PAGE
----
Minute taking – Writing tips
Ten tips to help those new to the job or wanting to smarten their skills.
1.) Prepare yourself
Reading the previous minutes beforehand will give you a flavour of the group, the subjects they discuss, and their recent decisions. You will also get abreast of important names, personalities and other details. It means that, come the meeting, you will already be in first or second gear rather than still in the starting blocks.
2.) What to write?
Your focus should be on minuting who has got to do what, and by when. Subject to what your chair and committee wants, be as brief as possible. Focus also on what is new, has changed, is major, and what will help people’s understanding … and exclude anything obvious. Yes, some judgement is involved.
3.) Improve your summarising skills
You can’t (and shouldn’t) take minutes of everything that is said in a meeting. So practice summarising discussions for example by listening to a news story on TV or radio, and then summarising it in a few sentences – as though you needed to tell your family or a friend. Another tip: it can be helpful to think backwards from a group’s decision/conclusion, and write up how they got there.
4.) A good note taking technique
Write each point that is made on a new line. Work down the page rather than writing right across the page, from left to right. If you do the latter it leads you to writing full sentences, which you won’t have time and don’t need to write.
5.) Use abbreviations to increase your speed
There won’t be the time to write sentences and words in full. Make up some abbreviations that you will remember later. We all have our own, but ‘D’ could be decided, ‘w8c’ could be wait and see / in the near future, ‘iwa’ it was agreed, ‘>>’ greater, ‘#’ not very good, etc. These short-hands will significantly speed you up.
6.) Vary your vocabulary
English language is rich with words, and minutes get dull if you always use the same words. For example, instead of always saying ‘said’, did the person actually query, remark, recount, report, question, or what?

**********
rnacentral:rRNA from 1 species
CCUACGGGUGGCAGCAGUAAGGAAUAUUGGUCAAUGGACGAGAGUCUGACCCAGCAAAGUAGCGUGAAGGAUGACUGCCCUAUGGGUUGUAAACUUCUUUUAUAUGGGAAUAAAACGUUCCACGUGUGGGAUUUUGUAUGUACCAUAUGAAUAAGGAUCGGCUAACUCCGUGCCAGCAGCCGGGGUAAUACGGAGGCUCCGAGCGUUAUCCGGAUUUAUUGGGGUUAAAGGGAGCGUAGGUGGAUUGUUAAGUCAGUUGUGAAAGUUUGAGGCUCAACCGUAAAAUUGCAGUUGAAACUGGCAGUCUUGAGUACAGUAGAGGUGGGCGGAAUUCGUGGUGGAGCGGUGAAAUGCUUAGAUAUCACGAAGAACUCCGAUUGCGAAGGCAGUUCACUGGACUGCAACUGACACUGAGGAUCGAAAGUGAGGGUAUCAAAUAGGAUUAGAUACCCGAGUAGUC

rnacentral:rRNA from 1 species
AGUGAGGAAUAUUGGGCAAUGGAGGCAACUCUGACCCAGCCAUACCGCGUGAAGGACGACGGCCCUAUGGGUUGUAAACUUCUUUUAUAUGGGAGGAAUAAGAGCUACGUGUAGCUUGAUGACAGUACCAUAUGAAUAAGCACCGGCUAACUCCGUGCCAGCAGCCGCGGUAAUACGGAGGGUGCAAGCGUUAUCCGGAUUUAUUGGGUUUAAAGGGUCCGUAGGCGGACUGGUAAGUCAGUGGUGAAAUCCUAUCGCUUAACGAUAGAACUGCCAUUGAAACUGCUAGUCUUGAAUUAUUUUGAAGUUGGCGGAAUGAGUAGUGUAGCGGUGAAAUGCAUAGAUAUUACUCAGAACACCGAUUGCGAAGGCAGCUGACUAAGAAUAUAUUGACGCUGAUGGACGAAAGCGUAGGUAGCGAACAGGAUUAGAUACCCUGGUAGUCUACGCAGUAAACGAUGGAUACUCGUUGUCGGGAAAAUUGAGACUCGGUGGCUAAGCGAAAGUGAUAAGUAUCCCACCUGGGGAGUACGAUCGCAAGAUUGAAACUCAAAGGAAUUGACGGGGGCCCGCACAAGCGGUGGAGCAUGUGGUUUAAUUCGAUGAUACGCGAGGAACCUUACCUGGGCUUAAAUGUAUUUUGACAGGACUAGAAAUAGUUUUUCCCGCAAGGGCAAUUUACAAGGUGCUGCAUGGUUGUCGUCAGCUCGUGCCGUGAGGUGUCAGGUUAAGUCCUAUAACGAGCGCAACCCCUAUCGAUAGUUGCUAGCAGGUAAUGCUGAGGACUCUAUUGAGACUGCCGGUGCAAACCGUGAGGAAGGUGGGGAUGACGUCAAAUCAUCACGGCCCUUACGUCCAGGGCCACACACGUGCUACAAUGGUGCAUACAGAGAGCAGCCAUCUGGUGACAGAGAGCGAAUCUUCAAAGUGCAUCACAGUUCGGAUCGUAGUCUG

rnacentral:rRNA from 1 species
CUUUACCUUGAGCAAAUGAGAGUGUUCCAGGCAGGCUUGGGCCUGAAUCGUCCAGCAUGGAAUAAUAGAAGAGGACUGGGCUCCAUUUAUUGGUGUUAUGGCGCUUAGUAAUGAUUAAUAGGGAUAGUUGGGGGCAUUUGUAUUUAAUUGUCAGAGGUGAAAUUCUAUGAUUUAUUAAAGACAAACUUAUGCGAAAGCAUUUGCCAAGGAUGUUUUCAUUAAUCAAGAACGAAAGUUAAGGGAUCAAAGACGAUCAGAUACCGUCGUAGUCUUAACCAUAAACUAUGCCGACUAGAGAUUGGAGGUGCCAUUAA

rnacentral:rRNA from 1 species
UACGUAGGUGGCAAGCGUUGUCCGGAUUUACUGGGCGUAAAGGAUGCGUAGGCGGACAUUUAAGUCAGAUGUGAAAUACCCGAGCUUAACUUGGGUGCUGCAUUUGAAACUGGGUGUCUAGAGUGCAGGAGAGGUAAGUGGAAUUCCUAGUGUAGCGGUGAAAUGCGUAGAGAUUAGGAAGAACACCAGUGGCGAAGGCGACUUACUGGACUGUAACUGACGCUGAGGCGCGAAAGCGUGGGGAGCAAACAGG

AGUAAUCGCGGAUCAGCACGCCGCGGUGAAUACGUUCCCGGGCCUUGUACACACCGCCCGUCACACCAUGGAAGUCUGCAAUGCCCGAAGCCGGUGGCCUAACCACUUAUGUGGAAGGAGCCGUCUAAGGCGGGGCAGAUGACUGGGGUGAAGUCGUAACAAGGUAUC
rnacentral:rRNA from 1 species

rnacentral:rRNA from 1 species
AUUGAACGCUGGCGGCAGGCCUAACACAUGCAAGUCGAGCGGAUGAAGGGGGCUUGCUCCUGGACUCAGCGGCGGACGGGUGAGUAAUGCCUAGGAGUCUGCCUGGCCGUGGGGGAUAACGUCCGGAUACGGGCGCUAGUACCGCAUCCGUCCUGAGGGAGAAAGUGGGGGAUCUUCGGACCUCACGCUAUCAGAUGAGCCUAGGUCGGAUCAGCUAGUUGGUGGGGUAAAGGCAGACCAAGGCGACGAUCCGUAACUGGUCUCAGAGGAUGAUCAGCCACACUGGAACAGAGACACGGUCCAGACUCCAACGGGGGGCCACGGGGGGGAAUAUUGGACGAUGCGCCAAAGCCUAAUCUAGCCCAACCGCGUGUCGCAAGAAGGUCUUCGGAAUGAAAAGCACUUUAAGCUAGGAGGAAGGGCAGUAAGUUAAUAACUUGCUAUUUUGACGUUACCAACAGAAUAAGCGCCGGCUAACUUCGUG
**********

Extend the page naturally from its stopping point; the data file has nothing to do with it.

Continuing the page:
7.) Resist this temptation
Don’t attribute who said what (i.e. ‘Mr Jones said that ….’). If you do, people you omitted to cite get annoyed you haven’t recorded what they said, and those you did may want edits to what you wrote. Also, there is then the danger that people just say things in order to get their name into the minutes. However, you should attribute things when someone has a strong difference of views to the overall discussion or decision.
8.) Passive tenses are OK in writing minutes
In general, good English advocates the active tense (e.g. ‘The elephants trampled on the grass’) over the passive (‘The grass was trampled on by the elephants’). The active results in shorter sentences, a more natural flow (subject – verb – object) and it identifies the doer clearly at the start of the sentence (which can be omitted in passives, e.g the sentence above could omit ‘by the elephants’). But in minute taking the passive is favoured for precisely this reason, as one shouldn’t minute/attribute endlessly who said what.
9.) Feel free to interrupt
It might sound strange, but you are the second most important person at the meeting, after the chair. Think about it. If minutes don’t get written, people won’t remember (or will disagree) what was agreed; those present won’t know at all; and people will forget what they agreed/have to do. So don’t undervalue your importance at the meeting. Feel free to interrupt when necessary, asking for example: ‘What does that refer to?’, ‘Can someone explain that to me afterwards?’ or ‘How shall I minute that?’
10.) Write up your minutes soon
You will remember a lot more details about things said and decided at the meeting than you probably managed to get written down. But your memory will forget some of these details as time goes by, so write up your minutes as soon after the meeting as possible.